Introduction: Traditional methods to estimate exposure to PM2.5 (particulate matter with less than 2.5 µm in diameter) have typically relied on limited regulatory monitors and do not consider human mobility and travel. However, the limited spatial coverage of regulatory monitors and the lack of consideration of mobility limit the ability to capture actual air pollution exposure. Methods: This study aims to improve traditional exposure assessment methods for PM2.5 by incorporating the measurements from a low-cost sensor network (PurpleAir) and regulatory monitors, an automated machine learning modeling framework, and big human mobility data. We develop a monthly-aggregated hourly land use regression (LUR) model based on automated machine learning (AutoML) and assess the model performance across eight metropolitan areas within the US. Results: Our results show that integrating low-cost sensor with regulatory monitor measurements generally improves the AutoML-LUR model accuracy and produces higher spatial variation in PM2.5 concentration maps compared to using regulatory monitor measurements alone. Feature importance analysis shows factors highly correlated with PM2.5 concentrations, including satellite aerosol optical depth, meteorological variables, vegetation, and land use. In addition, we incorporate human mobility data on exposure estimates regarding where people visit to identify spatiotemporal hotspots of places with higher risks of exposure, emphasizing the need to consider both visitor numbers and PM2.5 concentrations when developing exposure reduction strategies. Discussion: This research provides important insights for further public health studies on air pollution by comprehensively assessing the performance of AutoML-LUR models and incorporating human mobility into considering human exposure to air pollution.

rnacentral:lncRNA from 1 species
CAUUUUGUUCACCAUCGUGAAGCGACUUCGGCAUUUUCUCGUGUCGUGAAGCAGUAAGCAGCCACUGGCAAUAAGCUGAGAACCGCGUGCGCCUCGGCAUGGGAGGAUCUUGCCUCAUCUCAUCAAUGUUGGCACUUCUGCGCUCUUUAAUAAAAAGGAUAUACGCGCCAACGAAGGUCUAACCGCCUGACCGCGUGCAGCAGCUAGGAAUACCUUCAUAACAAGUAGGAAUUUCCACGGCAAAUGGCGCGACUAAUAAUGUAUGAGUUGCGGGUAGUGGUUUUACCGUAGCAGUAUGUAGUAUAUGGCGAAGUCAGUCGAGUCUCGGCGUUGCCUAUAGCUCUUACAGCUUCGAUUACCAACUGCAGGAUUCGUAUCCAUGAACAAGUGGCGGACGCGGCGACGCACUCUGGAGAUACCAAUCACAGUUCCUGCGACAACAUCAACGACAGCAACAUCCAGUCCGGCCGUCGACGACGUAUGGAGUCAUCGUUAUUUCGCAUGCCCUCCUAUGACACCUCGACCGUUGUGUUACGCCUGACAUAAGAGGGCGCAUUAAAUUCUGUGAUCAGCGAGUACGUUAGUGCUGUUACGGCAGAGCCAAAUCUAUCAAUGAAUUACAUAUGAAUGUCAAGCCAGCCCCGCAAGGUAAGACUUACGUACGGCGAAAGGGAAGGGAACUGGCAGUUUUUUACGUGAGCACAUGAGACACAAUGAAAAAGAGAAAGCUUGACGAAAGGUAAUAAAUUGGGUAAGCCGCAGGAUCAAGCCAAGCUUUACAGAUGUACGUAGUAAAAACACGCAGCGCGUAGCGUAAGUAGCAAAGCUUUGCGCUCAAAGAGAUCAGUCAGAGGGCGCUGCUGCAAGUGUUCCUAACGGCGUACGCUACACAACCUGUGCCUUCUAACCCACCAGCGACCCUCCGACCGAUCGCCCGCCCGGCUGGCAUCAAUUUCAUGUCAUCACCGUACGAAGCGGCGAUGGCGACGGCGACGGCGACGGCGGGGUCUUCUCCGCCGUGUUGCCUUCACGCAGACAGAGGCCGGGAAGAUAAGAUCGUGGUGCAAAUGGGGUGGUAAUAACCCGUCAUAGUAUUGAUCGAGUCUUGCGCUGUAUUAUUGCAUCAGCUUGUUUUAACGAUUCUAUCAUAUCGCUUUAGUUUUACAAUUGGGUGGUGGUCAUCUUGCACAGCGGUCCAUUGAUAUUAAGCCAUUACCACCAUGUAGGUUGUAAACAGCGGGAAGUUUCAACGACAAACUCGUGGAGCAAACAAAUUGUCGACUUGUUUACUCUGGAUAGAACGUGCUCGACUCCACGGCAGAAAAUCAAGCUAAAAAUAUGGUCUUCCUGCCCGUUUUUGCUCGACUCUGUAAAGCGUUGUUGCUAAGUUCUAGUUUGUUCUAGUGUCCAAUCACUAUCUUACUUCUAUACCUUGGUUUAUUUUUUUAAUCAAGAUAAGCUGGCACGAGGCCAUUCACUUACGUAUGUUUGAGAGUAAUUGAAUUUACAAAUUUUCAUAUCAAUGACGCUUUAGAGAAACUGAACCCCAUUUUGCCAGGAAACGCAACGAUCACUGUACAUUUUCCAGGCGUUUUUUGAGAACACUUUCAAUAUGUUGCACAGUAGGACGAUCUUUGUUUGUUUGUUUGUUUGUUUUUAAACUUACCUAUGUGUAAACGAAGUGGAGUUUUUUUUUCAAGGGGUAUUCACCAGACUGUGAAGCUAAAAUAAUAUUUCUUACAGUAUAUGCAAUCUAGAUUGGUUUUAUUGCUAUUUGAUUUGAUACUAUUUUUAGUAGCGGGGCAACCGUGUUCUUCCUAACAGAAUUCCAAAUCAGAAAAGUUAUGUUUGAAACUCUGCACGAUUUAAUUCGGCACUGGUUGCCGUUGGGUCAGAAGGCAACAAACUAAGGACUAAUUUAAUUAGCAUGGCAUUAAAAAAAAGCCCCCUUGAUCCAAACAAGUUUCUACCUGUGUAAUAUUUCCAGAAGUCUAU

All Science Journal Classification (ASJC) codes
- Environmental Science(all)